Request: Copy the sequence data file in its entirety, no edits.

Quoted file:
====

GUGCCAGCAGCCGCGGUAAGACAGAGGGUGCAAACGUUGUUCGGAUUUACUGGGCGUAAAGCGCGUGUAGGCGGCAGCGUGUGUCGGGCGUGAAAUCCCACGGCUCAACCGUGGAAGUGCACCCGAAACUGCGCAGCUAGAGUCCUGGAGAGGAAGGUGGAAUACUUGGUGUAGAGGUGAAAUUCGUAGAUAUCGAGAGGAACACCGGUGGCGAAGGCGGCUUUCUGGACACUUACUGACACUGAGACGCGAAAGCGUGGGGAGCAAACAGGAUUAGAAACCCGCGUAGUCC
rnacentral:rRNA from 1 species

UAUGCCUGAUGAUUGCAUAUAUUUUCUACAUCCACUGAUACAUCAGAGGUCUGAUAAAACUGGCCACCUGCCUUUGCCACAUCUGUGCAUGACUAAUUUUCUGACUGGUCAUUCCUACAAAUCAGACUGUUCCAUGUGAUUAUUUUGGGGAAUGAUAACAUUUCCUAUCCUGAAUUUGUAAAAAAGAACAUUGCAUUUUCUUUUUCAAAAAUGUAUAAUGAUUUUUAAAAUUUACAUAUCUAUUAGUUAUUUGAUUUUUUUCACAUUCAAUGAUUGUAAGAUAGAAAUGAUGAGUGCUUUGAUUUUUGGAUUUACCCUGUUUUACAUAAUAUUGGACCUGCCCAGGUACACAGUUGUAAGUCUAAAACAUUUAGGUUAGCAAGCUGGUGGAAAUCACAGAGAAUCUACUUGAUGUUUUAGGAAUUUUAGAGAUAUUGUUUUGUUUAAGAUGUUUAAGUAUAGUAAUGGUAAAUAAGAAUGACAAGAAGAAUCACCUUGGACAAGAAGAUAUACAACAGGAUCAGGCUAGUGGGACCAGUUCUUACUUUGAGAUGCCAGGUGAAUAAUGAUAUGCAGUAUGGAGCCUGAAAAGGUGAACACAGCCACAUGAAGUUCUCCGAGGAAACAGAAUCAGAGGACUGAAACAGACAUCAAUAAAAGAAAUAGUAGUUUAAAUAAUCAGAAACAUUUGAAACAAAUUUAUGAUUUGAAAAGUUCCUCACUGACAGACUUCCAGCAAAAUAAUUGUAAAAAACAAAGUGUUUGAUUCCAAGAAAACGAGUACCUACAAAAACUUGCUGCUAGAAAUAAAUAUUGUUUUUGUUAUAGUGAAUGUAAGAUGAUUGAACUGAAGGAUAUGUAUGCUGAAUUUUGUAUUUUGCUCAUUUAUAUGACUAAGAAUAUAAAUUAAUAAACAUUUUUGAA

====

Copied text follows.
GUGCCAGCAGCCGCGGUAAGACAGAGGGUGCAAACGUUGUUCGGAUUUACUGGGCGUAAAGCGCGUGUAGGCGGCAGCGUGUGUCGGGCGUGAAAUCCCACGGCUCAACCGUGGAAGUGCACCCGAAACUGCGCAGCUAGAGUCCUGGAGAGGAAGGUGGAAUACUUGGUGUAGAGGUGAAAUUCGUAGAUAUCGAGAGGAACACCGGUGGCGAAGGCGGCUUUCUGGACACUUACUGACACUGAGACGCGAAAGCGUGGGGAGCAAACAGGAUUAGAAACCCGCGUAGUCC
rnacentral:rRNA from 1 species

UAUGCCUGAUGAUUGCAUAUAUUUUCUACAUCCACUGAUACAUCAGAGGUCUGAUAAAACUGGCCACCUGCCUUUGCCACAUCUGUGCAUGACUAAUUUUCUGACUGGUCAUUCCUACAAAUCAGACUGUUCCAUGUGAUUAUUUUGGGGAAUGAUAACAUUUCCUAUCCUGAAUUUGUAAAAAAGAACAUUGCAUUUUCUUUUUCAAAAAUGUAUAAUGAUUUUUAAAAUUUACAUAUCUAUUAGUUAUUUGAUUUUUUUCACAUUCAAUGAUUGUAAGAUAGAAAUGAUGAGUGCUUUGAUUUUUGGAUUUACCCUGUUUUACAUAAUAUUGGACCUGCCCAGGUACACAGUUGUAAGUCUAAAACAUUUAGGUUAGCAAGCUGGUGGAAAUCACAGAGAAUCUACUUGAUGUUUUAGGAAUUUUAGAGAUAUUGUUUUGUUUAAGAUGUUUAAGUAUAGUAAUGGUAAAUAAGAAUGACAAGAAGAAUCACCUUGGACAAGAAGAUAUACAACAGGAUCAGGCUAGUGGGACCAGUUCUUACUUUGAGAUGCCAGGUGAAUAAUGAUAUGCAGUAUGGAGCCUGAAAAGGUGAACACAGCCACAUGAAGUUCUCCGAGGAAACAGAAUCAGAGGACUGAAACAGACAUCAAUAAAAGAAAUAGUAGUUUAAAUAAUCAGAAACAUUUGAAACAAAUUUAUGAUUUGAAAAGUUCCUCACUGACAGACUUCCAGCAAAAUAAUUGUAAAAAACAAAGUGUUUGAUUCCAAGAAAACGAGUACCUACAAAAACUUGCUGCUAGAAAUAAAUAUUGUUUUUGUUAUAGUGAAUGUAAGAUGAUUGAACUGAAGGAUAUGUAUGCUGAAUUUUGUAUUUUGCUCAUUUAUAUGACUAAGAAUAUAAAUUAAUAAACAUUUUUGAA